Have you ever noticed when you create a new VM, a floppy device is present in the GuestOS regardless if you had actually added one or not? If not, it is pretty simple to demonstrate. Create any Windows VM using a non-vSphere 6.5 release, install the OS and then power it on. You should now see a floppy device (A:) show up under "My Computer" as seen in the screenshot below.
Although this may look like a strange behavior (more on this in a bit), it is completely harmless as there is no real floppy device being presented to the VM. For many customers, this behavior was either unnoticed or it was just ignored as it did not bother them. However, there is a concern for some customers who must prove that the virtual hardware seen from the GuestOS matches the virtual hardware presented to the VM, usually for compliance purposes. To prevent a floppy device from showing up, you can edit the BIOS, but this generally does not scale as it must be done manually (no APIs exists) and even some of the BIOS editing utilities are fairly limited in their capabilities.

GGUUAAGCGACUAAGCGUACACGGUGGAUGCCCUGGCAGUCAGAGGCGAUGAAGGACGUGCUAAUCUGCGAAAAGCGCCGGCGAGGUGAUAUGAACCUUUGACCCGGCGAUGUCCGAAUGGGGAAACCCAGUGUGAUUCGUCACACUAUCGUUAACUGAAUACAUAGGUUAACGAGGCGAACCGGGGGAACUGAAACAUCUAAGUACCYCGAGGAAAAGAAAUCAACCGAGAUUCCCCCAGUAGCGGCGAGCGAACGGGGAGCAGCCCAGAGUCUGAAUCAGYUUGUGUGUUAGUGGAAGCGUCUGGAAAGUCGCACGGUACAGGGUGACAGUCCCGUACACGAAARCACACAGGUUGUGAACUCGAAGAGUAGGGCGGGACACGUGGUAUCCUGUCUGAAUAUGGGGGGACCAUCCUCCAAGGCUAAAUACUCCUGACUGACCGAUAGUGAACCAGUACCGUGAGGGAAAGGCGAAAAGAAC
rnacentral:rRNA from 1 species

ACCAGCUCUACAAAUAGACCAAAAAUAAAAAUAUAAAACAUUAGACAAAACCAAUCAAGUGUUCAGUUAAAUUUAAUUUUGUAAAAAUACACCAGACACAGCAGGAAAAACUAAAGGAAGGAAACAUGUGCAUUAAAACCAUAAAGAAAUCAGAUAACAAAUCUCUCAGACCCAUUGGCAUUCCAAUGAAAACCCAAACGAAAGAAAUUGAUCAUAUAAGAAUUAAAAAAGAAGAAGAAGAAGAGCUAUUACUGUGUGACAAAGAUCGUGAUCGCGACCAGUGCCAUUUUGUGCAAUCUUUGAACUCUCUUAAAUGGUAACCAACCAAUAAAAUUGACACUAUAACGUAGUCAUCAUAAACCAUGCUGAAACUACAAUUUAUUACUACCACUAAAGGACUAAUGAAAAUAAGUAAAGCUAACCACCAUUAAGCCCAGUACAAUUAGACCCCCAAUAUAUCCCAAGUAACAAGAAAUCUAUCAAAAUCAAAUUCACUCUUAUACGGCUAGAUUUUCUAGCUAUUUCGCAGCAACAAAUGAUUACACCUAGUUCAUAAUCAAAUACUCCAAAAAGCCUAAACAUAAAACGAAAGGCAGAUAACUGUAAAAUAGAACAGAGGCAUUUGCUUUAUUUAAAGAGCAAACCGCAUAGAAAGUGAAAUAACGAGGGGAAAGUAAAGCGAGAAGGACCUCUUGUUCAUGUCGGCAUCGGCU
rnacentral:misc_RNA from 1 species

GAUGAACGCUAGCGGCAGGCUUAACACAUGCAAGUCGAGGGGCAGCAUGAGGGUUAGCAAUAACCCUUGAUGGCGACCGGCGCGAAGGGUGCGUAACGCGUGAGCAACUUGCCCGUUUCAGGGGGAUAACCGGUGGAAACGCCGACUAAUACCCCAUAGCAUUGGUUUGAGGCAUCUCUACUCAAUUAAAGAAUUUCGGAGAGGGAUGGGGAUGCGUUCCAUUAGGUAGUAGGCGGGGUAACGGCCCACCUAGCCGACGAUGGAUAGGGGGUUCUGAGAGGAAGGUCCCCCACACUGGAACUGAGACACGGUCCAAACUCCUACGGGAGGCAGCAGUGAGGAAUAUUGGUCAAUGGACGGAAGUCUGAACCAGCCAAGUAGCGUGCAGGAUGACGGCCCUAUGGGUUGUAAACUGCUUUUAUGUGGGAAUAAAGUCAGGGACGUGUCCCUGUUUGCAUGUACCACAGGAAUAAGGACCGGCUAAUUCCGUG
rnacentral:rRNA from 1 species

So why does this happen and how does vSphere 6.5 help?
In talking to one of our Principal Engineers about this topic, as this question comes up from time to time about disabling floppy devices in the BIOS. I came to learn more about the behavior described above and the nice enhancement that was introduced in vSphere 6.5 for Virtual Hardware Plug-N-Play.